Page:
The second way is to say, ‘You’re not supposed to say those things’ — so a kid understands it’s a rule, but never explains it … The third way is to have a teaching moment. I get out this book ‘The Terrible Things.’ This is an ass-kicking book. When someone says, ‘That’s so gay,’ I get out this book. It’s an allegory for the Holocaust, for Martin Niemoller’s quote about ‘First they came for the Jews.’ … It’s done with bunny rabbits and it’s stunning, beautiful and terrifying at the same time. … A lot of kids will be horrified that the Nazis went after the Jews or the Catholics or the gypsies or people of color or people who are disabled — the kids say, ‘Yeah, yeah, yeah, we should never let that kind of thing happen,’ and then I say, they went after gays and lesbians. And sometimes, you hear an audible ‘Ew.’ … So that’s when we have the discussion about turning people into monsters so that it’s easier for us to discriminate against them. … But there’s no available curriculum. This is me, making this stuff up.

There’s so much anxiety about how to talk to kids about sex and sexuality. How do you walk that line so that it’s age-appropriate?

It’s a hard thing. A lot of teachers want to be supportive, but are not sure legally what they’re allowed to say. And to this day, I’m not really sure what I’m allowed to say. But I’m going to say it anyways. I’m a tenured teacher. What are they going to do?

It seems like you’ve undergone such a personal shift from having personal friends who are part of the LGBT community to really becoming an activist and a figure in it. How has that changed your perspective?

It’s kind of weird. I got that Stonewall award this summer, and it was strange because my friends in the LGBT community work just as hard as me, and they don’t get an award like that. There’s a lot more of them that are advocating than there are straight people who are advocating. And that’s a problem.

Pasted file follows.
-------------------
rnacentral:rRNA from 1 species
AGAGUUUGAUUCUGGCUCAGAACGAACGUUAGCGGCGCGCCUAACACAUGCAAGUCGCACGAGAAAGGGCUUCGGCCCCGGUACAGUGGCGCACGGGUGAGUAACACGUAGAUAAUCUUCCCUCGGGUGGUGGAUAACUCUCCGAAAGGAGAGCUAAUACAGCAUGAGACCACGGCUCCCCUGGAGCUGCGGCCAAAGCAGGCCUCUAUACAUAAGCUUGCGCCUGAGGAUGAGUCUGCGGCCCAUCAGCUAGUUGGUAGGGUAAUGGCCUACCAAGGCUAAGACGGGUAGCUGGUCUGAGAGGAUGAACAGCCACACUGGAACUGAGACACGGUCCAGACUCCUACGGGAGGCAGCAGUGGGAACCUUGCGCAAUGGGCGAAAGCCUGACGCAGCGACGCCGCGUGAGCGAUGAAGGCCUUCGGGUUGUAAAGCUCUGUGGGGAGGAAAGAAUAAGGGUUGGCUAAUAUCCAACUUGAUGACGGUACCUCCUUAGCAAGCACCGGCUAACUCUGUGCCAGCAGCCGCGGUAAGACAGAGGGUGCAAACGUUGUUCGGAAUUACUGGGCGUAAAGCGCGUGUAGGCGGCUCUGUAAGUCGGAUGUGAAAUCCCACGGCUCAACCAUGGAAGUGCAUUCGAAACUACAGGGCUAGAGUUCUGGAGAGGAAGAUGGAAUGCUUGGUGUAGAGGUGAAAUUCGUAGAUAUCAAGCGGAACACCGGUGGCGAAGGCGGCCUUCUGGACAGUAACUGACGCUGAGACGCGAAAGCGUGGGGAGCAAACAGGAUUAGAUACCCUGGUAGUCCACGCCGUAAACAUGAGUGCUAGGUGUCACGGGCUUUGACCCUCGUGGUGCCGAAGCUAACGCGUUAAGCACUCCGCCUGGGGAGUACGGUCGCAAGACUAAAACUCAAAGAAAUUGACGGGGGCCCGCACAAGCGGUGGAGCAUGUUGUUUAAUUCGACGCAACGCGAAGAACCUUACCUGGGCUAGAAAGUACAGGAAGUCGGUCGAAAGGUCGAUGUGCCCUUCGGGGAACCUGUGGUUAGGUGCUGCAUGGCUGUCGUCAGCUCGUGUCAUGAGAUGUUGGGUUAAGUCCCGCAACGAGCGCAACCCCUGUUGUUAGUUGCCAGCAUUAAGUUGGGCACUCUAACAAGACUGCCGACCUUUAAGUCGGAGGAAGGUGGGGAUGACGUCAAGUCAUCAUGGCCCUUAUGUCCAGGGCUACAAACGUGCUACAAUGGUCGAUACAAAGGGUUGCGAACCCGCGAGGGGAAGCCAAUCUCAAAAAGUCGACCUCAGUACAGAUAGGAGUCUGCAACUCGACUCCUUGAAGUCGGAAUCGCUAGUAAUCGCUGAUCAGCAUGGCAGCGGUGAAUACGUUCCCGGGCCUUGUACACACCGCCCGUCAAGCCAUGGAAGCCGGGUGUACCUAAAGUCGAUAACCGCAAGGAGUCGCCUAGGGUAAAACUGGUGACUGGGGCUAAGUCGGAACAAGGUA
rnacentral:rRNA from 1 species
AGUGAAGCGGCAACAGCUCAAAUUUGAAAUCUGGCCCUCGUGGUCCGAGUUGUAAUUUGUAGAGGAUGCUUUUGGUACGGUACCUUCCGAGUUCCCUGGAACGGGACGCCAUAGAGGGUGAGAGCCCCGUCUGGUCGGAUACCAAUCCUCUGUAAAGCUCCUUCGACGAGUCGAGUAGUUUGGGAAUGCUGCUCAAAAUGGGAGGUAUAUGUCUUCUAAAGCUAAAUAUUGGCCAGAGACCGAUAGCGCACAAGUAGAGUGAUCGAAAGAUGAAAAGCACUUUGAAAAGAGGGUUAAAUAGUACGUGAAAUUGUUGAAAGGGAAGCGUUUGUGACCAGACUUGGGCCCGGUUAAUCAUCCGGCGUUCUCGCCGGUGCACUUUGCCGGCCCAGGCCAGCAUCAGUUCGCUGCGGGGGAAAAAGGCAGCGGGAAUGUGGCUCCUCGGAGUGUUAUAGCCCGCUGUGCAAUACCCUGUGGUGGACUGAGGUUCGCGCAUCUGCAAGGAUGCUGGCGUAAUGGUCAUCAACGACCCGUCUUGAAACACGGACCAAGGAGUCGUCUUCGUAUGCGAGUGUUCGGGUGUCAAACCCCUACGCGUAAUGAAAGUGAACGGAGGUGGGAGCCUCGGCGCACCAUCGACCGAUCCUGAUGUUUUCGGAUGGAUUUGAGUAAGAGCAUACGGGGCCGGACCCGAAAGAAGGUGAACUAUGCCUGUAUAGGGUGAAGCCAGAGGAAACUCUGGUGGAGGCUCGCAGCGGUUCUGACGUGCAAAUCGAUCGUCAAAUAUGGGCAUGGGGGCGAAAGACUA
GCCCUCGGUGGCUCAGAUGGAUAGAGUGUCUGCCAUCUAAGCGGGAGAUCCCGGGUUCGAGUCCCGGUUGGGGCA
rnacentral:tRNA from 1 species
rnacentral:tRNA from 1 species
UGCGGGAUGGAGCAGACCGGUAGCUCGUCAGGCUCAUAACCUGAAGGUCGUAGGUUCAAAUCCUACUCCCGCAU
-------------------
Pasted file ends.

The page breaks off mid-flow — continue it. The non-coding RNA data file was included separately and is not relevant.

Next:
I want to ask you about something completely different. I Googled you, and your name comes up a lot for DC war comics.

That’s a funny thing. I’m a complete pacifist and I’m a huge comic fan since I was four or five … but in the 1950s and 1960s Joe Kubert was like the most awesome artist of all time. I live and breathe his artwork. It’s not so much the subject matter as the artistry … they’re just so frickin’ good … (Getting back to education) You can’t underestimate how willing kids are to expand their world. If we got it in their heads in the third grade, we wouldn’t be having these debates … The religious right and those who are politically motivated to keep them in their corner understand that.

You’re describing the religious right’s worst nightmare.

It’s absolutely that … But it behooves us to have conversations (with conservatives) because I honestly believe that LGBT people and the movement have a whole lot more in common with the religious right than either side actually may be willing to admit. Look at the history of the suffrage movement … the anti-slavery movement … the civil rights movement … If we just had some discussion about it, it would actually help a lot. But the religious right wants to turn LGBT people into the monster, into “abominations” — like a villain in the Hulk.

— Interview by EMILY ALPERT

    This article relates to: Education

    Written by Voice of San Diego